Rokkaku Sadayori


Rokkaku Clan

Sengoku Daimyō

Ōmi Province

Lifespan:  Meiō 4 (1495) to 1/2 of Tenbun 21 (1552)

Rank:  bushō, shugo daimyō, sengoku daimyō (of southern Ōmi Province)

Title:  Junior Fourth Rank (Lower), Junior Assistant Head of the Board of Censors

Clan:  Rokkaku

Bakufu:  Muromachi – military governor of Ōmi and assistant deputy shōgun

Lord:  Ashikaga Yoshitane → Ashikaga Yoshiharu

Father:  Rokkaku Takayori

Siblings:  Ujitsuna, Sadayori, Ōhara Takayasu, Wada Takamori, Umedo Takazane, Shingen, sister (wife of Imadegawa Suetaka), sister (wife of Kyōgoku Kimune)

Wife:  Gofukuzen

Children:  Daughter (second wife of Hosokawa Harumoto), Yoshikata, Yoshiyori, daughter (formal wife of Toki Yoriaki), Kitanokata, daughter (wife of Takeda Nobutoyo), Nyoshun-ni

Rokkaku Sadayori served as a bushō, shugo daimyō, and sengoku daimyō of southern Ōmi Province.  He further served as the assistant deputy shōgun of the Muromachi bakufu, and military governor of Ōmi.  Sadayori was the fourteenth head of the Rokkaku clan.  He held the title of Junior Fourth Rank (Lower) and Junior Assistant Head of the Board of Censors.

In 1495, Sadayori was born as the second son of Rokkaku Takayori, the sengoku daimyō of southern Ōmi.

In 1499, Sadayori underwent the rights of tonsure and served as a disciple of Keijo Shūrin at the Rokuon sub-temple on the grounds of the Shōkoku Temple in Kyōto.  Although he returned for a while to Ōmi, by 1503, he returned to study under Shūrin again.  In the fourth month of 1504, at the Jishō sub-temple on the grounds of the Shōkoku Temple, Sadayori formally entered the priesthood and adopted the name of Kōshitsu Jōki and was called Kōgetsusai.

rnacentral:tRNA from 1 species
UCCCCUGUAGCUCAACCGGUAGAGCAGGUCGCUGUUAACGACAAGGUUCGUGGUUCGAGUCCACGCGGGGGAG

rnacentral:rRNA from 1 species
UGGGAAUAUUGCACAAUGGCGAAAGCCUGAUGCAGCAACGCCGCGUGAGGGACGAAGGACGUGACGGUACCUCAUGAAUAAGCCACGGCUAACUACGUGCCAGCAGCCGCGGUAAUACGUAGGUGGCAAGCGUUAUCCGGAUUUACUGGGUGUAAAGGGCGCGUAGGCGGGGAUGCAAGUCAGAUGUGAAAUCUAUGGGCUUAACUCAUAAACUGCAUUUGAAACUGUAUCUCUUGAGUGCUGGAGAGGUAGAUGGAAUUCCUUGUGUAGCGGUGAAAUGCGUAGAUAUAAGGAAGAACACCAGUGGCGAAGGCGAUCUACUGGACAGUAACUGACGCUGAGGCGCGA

In 1516, his older brother, Ujitsuna was ill in bed owing to injuries sustained in battle against the Hosokawa clan, and died at an early age in 1518, so Sadayori left the priesthood and inherited the headship of the clan.  He served as an attendant to Ashikaga Yoshitane (the tenth shōgun of the Muromachi bakufu) and made contributions on the battlefield to defeat Hosokawa Masakata.

In 1520, he assisted Hosokawa Takakuni by defeating Miyoshi Yukinaga, a bushō under the command of Hosokawa Sumimoto, at the Battle of Tōji Temple.  This brought to an end the Conflict between the Hosokawa.  Later, after Yoshitane came into conflict with Takakuni and fled, Sadayori contributed along with Takakuni by backing Ashikaga Yoshiharu, the twelfth shōgun.  In 1546, in recognition of his merit, Yoshiharu appointed Sadayori as the assistant deputy shōgun and conferred the title of Junior Fourth Rank (Lower).

Meanwhile, he intervened in the central authorities as a backer of the Ashikaga shōgun family and fought against Miyoshi Nagayoshi in the Battle of Eguchi.  When Sadayori learned that Azai Hisamasa, the lord of northern Ōmi, became feeble-minded and unable to manage his band of retainers, he attacked the Azai family and put them under his command, laying the foundation for the peak years of the Rokkaku clan.

Sadayori died on 1/2 of Tenbun 21 (1552) at the age of fifty-eight.  He was succeeded by his eldest son, Rokkaku Yoshikata.

Skills and achievements

Sadayori demonstrated skill at provincial governance.  In 1523, he ordered his band of retainers to gather at Kannonji Castle to plan for the destruction of other castles in the area, marking the first time such an event appears in historical records in Japan.  This is considered the basis for the one castle per province directive in later eras.

Sadayori devised the well-known free-market policies implemented by Oda Nobunaga known as raku-ichi raku-za.  To foster economic development, Sadayori issued a free-market directive, gathering merchants below the castle and turning Kannonji into a thriving commercial metropolis.  Nobunaga followed this precedent and expanded the free-market policies.

Sadayori was adept at strategic diplomacy, having many of his daughters marry into the families of other daimyō.   Serving as a patron of the Ashikaga shōgun family, he had power to influence the central political authorities at the time.